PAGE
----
And so, Simon Peter also come, following him, and entered the tomb and he saw the linen wrappings lying there and the face-cloth which had been on his head, not lying with the linen wrappings, but folded in a place by itself.
In the ancient world, authors utilized an economy of language. The materials needed to write were very expensive, so writers tried to encapsulate the most meaning in the least amount of words. Every little detail in the story or letter mattered, or else it wouldn’t have been included.
That’s what makes the folding of the grave clothes so very interesting in these verses. Why does John tell us that the grave clothes were folded in the tomb? What does it matter?
I know how all the mothers would interpret this text. They would say this detail is an indication of Jesus’ organization and neatness. I can hear them now.
If Jesus could fold his grave clothes properly before he left the tomb, what keeps you from folding your clothes properly before bed?
If Jesus kept a clean tomb, why can’t you keep a clean room?
If Jesus wasn’t too busy redeeming creation to tidy things up, what prevents you?
The less organized and messier scholars believe this not to be evidence of Jesus’ cleanliness but evidence that the empty tomb wasn’t the work of grave-robbers. After all, what grave-robber in his right mind would take the time to fold the grave clothes (except if his mother taught him well in the ways already mentioned)?
Perhaps a better interpretation is to consider this detail in the light of the other resurrection in John- that of Lazarus. In both resurrection stories in this gospel, the grave clothes of the resurrected one are mentioned in detail.
You might remember that when Jesus summoned Lazarus from the grave, the formerly dead one walked out with his grave clothes still wrapped around him. Jesus says, “Loose him and let him go.” Ironically, Lazarus walked out into the rest of his life with his death trappings still wrapped around him. He walked into his future still bound by his past. In a very small way, death still had a hold on him. The past was still wrapped around his ankles and his arms. His eyes and ears were still covered with death. Every “Lazarus come forth” must be followed by a “Loose him and let him go.”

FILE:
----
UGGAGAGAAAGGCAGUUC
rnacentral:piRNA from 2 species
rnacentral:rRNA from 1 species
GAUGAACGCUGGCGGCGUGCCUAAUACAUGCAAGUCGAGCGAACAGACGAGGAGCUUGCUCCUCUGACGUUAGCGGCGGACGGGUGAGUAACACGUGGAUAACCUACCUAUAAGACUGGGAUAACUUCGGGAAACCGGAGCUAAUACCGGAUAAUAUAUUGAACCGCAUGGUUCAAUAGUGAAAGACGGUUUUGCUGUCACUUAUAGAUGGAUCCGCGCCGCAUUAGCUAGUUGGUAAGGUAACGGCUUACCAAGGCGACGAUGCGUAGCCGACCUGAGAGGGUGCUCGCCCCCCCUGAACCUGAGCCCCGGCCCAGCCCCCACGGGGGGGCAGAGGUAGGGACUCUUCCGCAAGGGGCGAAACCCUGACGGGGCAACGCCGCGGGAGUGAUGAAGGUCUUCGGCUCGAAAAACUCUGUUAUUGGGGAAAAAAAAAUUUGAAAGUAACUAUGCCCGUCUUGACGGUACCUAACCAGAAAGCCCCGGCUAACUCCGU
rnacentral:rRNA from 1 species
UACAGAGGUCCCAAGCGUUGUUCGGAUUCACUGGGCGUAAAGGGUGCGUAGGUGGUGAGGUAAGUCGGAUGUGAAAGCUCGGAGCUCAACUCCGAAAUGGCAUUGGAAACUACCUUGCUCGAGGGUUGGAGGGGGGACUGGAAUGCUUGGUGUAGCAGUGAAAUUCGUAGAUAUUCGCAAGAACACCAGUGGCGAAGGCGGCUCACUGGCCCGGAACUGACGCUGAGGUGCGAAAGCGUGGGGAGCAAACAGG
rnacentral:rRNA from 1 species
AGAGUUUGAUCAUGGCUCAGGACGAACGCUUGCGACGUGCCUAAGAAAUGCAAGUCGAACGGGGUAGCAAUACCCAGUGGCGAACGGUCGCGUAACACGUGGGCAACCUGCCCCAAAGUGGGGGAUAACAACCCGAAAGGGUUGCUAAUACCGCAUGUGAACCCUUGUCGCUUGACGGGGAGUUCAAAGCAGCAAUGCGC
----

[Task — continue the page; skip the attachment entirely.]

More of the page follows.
Meanwhile, Jesus walked out of the tomb and the garments of death and decay were fully and totally left behind him. He was boldly and singularly turned towards God’s future for himself and all creation. He had no entanglements or entrapments. He was not bound by anything behind. He was free from death, hell, and the grave.
All too often I have more in common with Lazarus in this regard. I want to walk into newness of life but there are things about the oldness of life that are still wrapped around my head. I want to follow Jesus, but I want to follow all of these other ways too. I want to walk boldly into God’s grand tomorrow, but I can’t if my ankles are tied up with all my yesterdays. Jesus’ resurrection has called forth my own resurrection, but I’m still all wrapped up in my grave clothes.
In the days of early Christianity, people were baptized naked. The role of the “deacons” and “deaconesses” at these baptisms was to hold the old clothes of the baptized and then to present them with new clothes upon their baptism. After all, it’s inappropriate to walk out into a brand new world as a brand new person with the same old clothes. It was a way of saying, “Loose them and let them go.”
A few years ago, I stumbled onto a baptismal song by Kyle Matthews called, “Been Through the Water.” The chorus reads:
I’ve been through the water
And come out clean.
I’ve got new clothes
To cover me.
And you don’t wear your old shoes
On your brand new feet.
I’ve been through the water…..
I wonder what grave clothes are still wrapped around you in these days of renewal, hope, and resurrection. I wonder how you might be trying to walk into God’s future with your past still constraining your ankles. I wonder how your grave clothes might be blinding your eyes to newness right before you.
Be loosed and let go! You can’t wear your old shoes on your brand new feet.